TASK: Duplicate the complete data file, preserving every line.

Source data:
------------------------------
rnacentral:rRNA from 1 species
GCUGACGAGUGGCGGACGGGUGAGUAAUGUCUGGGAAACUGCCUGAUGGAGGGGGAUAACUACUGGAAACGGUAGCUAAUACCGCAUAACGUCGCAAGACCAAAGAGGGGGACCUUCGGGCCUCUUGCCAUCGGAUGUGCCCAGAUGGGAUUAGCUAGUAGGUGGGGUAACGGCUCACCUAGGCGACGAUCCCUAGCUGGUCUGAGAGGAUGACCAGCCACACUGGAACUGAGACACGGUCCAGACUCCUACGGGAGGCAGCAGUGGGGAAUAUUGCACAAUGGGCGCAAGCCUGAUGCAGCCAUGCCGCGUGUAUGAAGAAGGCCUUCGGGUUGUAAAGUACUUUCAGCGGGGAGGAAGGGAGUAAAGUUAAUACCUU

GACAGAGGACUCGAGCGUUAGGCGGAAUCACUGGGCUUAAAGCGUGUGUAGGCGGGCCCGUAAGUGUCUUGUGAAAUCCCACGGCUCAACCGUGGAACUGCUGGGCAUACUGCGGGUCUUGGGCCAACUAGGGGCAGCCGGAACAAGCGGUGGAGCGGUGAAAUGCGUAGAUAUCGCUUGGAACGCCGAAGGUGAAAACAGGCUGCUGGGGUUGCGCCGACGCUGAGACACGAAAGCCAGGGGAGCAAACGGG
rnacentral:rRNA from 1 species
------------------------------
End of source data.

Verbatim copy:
rnacentral:rRNA from 1 species
GCUGACGAGUGGCGGACGGGUGAGUAAUGUCUGGGAAACUGCCUGAUGGAGGGGGAUAACUACUGGAAACGGUAGCUAAUACCGCAUAACGUCGCAAGACCAAAGAGGGGGACCUUCGGGCCUCUUGCCAUCGGAUGUGCCCAGAUGGGAUUAGCUAGUAGGUGGGGUAACGGCUCACCUAGGCGACGAUCCCUAGCUGGUCUGAGAGGAUGACCAGCCACACUGGAACUGAGACACGGUCCAGACUCCUACGGGAGGCAGCAGUGGGGAAUAUUGCACAAUGGGCGCAAGCCUGAUGCAGCCAUGCCGCGUGUAUGAAGAAGGCCUUCGGGUUGUAAAGUACUUUCAGCGGGGAGGAAGGGAGUAAAGUUAAUACCUU

GACAGAGGACUCGAGCGUUAGGCGGAAUCACUGGGCUUAAAGCGUGUGUAGGCGGGCCCGUAAGUGUCUUGUGAAAUCCCACGGCUCAACCGUGGAACUGCUGGGCAUACUGCGGGUCUUGGGCCAACUAGGGGCAGCCGGAACAAGCGGUGGAGCGGUGAAAUGCGUAGAUAUCGCUUGGAACGCCGAAGGUGAAAACAGGCUGCUGGGGUUGCGCCGACGCUGAGACACGAAAGCCAGGGGAGCAAACGGG
rnacentral:rRNA from 1 species